Here is an entry which bears out my contention that one never knew who was who those times.  "A shepherd named Bone greatly dreaded a visit from these bushrangers.  One day, during the excitement caused by their exploits in the district, a stranger called at Bone's hut.  He asked for a cup of tea.  Bone gave him the tea, and invited him to stay the night, as he did not wish to be left alone while the bushrangers were in the vicinity.  So the stranger stayed.  He left next morning without saying who he was.  It was later than Bone discovered his guest was Fox himself."

Bird-in-Hand— And Other Mines

I wonder if South Australia will ever own a gold mine?  She has no fewer than thirteen about Woodside — of a sort.  Some of them have paid their way and some haven't — and the majority are of the latter kind.  It was some time in 1882 that Woodside deluded itself into a belief that it was a Ballarat in embryo, when prospectors stumbled across "traces," and "experts" pronounced the interior of Old Earth to be "promising."  It has been promising ever since.  It is still promising.  The most famous of these mines was the Bird-in-Hand.  This first began to take itself seriously in 1881, and by 1882 it had ten stamps at work, later increased to twenty.  It was said to be averaging an ounce and a half to the ton.  I cannot find any official figures to justify that claim, but it is noted in the old diary of an "expert."

What you can ascertain officially is that the Bird in Hand produced some £9,000 worth of the yellow stuff during its long but rather irregular life, at a time when nothing was known about cyaniding.  When the newer process was announced someone went over the old tailings, and added another £5,000 worth of golden metal to the record.  But £14,000 does not sound impressive from a mine which people still refer to as "famous," and the average of which, over an intermittent working life of half a century, was only 12½ dwts.

Other mines in the vicinity are the Two in the Bush, the Ridge, Brind, Fountain Head, Nest Egg, New Eclipse, Bird in Hand Extended, and New Era, and some others with even less claim to fame.  But Woodside long ago gave up dreams of El Dorado.  And South Australia is still waiting for its mine.  In the whole of its existence the State has not produced much more than a million and a half pounds worth of the much-wanted commodity, against £33,000,000 for copper, and £10,000,000 for iron.  There's a moral in those figures — if you like to search for it.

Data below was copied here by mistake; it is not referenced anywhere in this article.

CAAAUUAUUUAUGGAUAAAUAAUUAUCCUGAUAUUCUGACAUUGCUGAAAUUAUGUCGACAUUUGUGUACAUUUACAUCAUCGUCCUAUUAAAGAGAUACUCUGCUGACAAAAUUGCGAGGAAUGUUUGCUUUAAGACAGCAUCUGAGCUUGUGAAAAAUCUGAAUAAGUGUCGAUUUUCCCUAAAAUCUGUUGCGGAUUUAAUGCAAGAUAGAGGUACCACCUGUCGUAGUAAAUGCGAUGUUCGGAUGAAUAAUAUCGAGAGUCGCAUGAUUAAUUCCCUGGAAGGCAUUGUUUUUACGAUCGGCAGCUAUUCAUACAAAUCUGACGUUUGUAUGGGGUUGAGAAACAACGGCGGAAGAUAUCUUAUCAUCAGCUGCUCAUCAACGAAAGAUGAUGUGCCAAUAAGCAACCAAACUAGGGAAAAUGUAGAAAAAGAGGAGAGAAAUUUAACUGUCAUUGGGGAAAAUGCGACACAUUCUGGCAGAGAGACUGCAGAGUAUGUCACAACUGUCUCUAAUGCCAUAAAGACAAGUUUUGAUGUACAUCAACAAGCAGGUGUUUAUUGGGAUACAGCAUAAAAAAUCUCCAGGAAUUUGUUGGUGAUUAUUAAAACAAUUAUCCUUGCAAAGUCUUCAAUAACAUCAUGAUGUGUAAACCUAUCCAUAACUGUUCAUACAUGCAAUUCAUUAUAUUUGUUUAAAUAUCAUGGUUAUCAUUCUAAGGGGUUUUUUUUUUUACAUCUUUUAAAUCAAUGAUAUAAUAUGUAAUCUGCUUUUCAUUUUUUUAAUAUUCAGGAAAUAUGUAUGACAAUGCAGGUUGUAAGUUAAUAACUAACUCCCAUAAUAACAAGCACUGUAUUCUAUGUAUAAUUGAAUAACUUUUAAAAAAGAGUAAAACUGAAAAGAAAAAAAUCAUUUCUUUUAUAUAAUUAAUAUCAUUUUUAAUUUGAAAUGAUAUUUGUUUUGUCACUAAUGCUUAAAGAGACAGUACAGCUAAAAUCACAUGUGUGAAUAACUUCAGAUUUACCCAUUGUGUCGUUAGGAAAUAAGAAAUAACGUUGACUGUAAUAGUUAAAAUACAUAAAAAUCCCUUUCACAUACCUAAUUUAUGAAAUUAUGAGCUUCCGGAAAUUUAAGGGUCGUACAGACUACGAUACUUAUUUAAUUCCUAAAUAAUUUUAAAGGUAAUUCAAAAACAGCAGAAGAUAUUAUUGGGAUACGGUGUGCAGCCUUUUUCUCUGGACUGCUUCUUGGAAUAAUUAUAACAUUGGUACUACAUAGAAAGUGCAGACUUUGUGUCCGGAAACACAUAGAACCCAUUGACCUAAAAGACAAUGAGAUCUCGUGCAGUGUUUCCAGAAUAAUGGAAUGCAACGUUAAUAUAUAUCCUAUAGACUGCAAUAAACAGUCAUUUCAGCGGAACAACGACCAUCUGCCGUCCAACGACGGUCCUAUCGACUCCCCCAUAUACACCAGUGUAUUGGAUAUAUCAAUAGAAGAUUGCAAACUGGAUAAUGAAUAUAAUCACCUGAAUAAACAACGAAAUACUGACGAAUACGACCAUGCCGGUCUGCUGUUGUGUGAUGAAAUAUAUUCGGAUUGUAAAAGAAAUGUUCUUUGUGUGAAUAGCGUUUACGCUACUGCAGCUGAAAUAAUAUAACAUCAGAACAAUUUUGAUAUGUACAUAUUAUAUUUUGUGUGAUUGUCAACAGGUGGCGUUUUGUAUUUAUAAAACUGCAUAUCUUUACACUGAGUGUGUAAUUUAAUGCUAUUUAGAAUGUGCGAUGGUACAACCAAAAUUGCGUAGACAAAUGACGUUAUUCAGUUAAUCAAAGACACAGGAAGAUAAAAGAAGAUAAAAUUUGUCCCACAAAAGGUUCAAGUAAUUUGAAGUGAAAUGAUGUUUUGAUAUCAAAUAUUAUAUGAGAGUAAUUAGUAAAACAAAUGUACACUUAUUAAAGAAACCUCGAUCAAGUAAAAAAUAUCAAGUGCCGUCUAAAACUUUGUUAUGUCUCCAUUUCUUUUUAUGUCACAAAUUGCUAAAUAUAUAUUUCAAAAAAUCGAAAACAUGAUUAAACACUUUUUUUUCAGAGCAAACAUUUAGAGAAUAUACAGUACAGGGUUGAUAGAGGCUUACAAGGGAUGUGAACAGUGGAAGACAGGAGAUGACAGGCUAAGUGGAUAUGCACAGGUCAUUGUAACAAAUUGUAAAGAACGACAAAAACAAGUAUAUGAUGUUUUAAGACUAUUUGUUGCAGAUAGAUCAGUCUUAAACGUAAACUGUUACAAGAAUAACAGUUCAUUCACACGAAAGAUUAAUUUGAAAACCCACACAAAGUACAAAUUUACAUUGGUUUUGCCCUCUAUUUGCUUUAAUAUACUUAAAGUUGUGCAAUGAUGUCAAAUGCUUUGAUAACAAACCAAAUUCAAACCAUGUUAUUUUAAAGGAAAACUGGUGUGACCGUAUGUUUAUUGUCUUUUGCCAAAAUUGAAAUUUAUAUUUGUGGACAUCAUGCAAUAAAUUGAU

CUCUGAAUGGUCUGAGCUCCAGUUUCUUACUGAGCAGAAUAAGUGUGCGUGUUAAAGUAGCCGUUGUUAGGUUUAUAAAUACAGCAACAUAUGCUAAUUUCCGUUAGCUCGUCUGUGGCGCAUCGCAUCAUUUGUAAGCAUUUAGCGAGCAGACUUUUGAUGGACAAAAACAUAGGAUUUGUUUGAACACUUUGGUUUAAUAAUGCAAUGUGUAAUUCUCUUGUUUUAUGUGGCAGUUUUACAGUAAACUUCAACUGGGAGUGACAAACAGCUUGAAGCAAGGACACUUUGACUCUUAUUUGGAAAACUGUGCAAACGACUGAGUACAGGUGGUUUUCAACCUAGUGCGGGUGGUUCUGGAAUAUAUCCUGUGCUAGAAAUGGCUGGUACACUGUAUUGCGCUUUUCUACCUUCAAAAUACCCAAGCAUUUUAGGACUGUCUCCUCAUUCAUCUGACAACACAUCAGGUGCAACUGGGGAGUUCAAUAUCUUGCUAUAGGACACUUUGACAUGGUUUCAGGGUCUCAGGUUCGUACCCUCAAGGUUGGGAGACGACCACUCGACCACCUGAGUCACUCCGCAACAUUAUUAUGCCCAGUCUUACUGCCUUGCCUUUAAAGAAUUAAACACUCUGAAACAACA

Ingenious Hiding Place.

Here is the story of a resourceful blackfellow, though his ingenuity did not save him from hanging in the end.  He was a Queensland black, and was wanted for rape and murder.  The police hunted him for a long time, but were never able to locate him.  They knew his favorite haunt was a lagoon on Baker's station at Tungkillo.  This lake was surrounded by thick rushes.  Time and again the officers traced their quarry to the brink of the lagoon.  Then all signs of him ceased.  The whole business was mysterious.  It was not until after his capture — he was surprised one day — that the secret came out.  Whenever he was hard-pressed by the police he retired to the swamp.  There he cut a reed from the edge, removed the pith, and plunged into the water.  He laid there motionless, breathing through the straw until his enemies had retired baffled.  This black was eventually captured in the scrub near Mount Barker.  He was taken to Adelaide for trial by a police officer named Nixon.  When they were in the vicinity of the Mountain Hunt one day, the black suddenly drew the trooper's sword from its scabbard, slashed the officer over the head, and flung him down a gully.  Nixon, however, was not killed.  But the black was — they hanged him.


  • The ivy-covered mass which was Inverbrackie kirk nearly a century ago. The ruins are now completely bidden by growth, except for the window shown in the picture.
  • Old police cells in the yard behind the Woodside Hotel. The walls are three feet thick. The door on the left is  an original fitting. Note the gratings over the doors.